The next generation
While the large talent pool could present greater-than-usual challenges to entry-level candidates, Matthew Seeger, professor and chair of the department of communication at Wayne State University (WSU) in Detroit, says undergraduate enrollment hasn't dropped. In fact, he adds, students are showing increased motivation and entrepreneurial spirit.

“Students are redoubling efforts to have excellent résumés and internship experiences,” explains Seeger. “They're gravitating with great speed to social media because they view that as the next frontier.”

Students are also taking supplemental courses, such as business classes, or getting specialized certification, such as in health communication. Many are finding jobs in Chicago or the West – though Seeger adds they're often “more eclectic” positions or not necessarily the exact ones students wanted.

Recent WSU graduate Jared Bryan hasn't let the job shortage in Detroit stop him. He founded his own PR agency, JD Bryan & Associates, while also working a part-time retail job and an unpaid internship in the media and film relations department at The Henry Ford, an historical institution. He's landed “a few” small clients and is optimistic about his future.

“I wanted to own my own agency by the time I was 35,” Bryan says. “Why not start now? You have to start from the ground up anyway. I need the best experience I can get. I'm building relationships to get to the point where I own a full-service agency.”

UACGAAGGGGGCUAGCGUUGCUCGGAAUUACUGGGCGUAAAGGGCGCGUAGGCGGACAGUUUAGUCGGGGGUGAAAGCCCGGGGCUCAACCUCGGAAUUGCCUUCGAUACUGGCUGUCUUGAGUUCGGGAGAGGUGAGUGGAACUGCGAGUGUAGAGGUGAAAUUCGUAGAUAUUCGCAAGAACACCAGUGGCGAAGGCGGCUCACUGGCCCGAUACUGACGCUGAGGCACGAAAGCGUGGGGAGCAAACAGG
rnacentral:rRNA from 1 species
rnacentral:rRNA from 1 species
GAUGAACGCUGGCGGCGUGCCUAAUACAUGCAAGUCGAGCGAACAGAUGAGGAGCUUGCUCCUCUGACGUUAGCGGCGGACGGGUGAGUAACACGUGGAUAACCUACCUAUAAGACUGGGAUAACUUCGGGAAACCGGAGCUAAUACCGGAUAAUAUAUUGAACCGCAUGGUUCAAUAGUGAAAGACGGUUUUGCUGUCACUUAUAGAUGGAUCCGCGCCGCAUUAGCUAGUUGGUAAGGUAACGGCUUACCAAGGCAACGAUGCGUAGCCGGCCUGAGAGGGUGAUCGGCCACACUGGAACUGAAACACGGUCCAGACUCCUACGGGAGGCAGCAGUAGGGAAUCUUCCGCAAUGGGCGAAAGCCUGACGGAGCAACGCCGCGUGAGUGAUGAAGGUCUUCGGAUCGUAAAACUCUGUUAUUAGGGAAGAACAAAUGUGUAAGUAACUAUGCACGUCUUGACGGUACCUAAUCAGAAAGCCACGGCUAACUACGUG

Edelman's Smith thinks increased flexibility and creative problem-solving benefits everyone – agencies, clients, and talent. Travaille's Long is optimistic, expecting “significant growth” in the next 12 to 18 months. Ogilvy's Hicks is also “very optimistic” about next year, expecting both new business and new hires.

“Everyone knew 2009 would be tough,” PN's Rosenberg says. “All indicators are there that the industry and market are coming back. It'll be a different world – not exactly the same, but nothing ever is.”

Part of the group
From professional advice to networking possibilities, PR and public affairs associations offer opportunities to help all practitioners at any stage of their career.

The American Association of Political Consultants
202-544-9815; www.theaapc.org

Arthur W. Page Society
212-400-7959; www.awpagesociety.com

Association for Women in Communications
703-370-7436; www.womcom.org

Canadian Public Relations Society
416-239-7034; www.cprs.ca

Council of Communication Management
866-463-6226; www.ccmconnection.com

Council of Public Relations Firms
877-PRFIRMS; www.prfirms.org

Entertainment Publicists Professional Society
888-399-EPPS; www.eppsonline.org

Global Alliance for Public Relations and Communications Management

Hispanic Public Relations Association

Institute for Public Relations
352-392-0280; www.instituteforpr.com

International Association of Business Communicators
800-776-4222; www.iabc.com

Intl. Public Relations Association

Issue Management Council
703-777-8450; www.issuemanagement.org

League of American Communications Professionals
858-227-9200; www.lacp.com

National Association of Government Communicators
703-538-1787; www.nagc.com

National Black Public Relations Society
888-976-0005; www.nbprs.org/index-4.html

National Council for Marketing & Public Relations
970-330-0771; www.ncmpr.org

National Investor Relations Institute
703-506-3570; www.niri.org

North American Association of Independent Public Relations Agencies

Public Affairs Council
202-872-1790; www.pac.org

Public Relations Society of America
212-460-1400; www.prsa.org

Society for Healthcare Strategy & Market Development
312-422-3888; www.stratsociety.org

Society for New Communications Research
650-331-0083; sncr.org

Women Executives in Public Relations
212-859-7375; www.wepr.org

Young PR Pros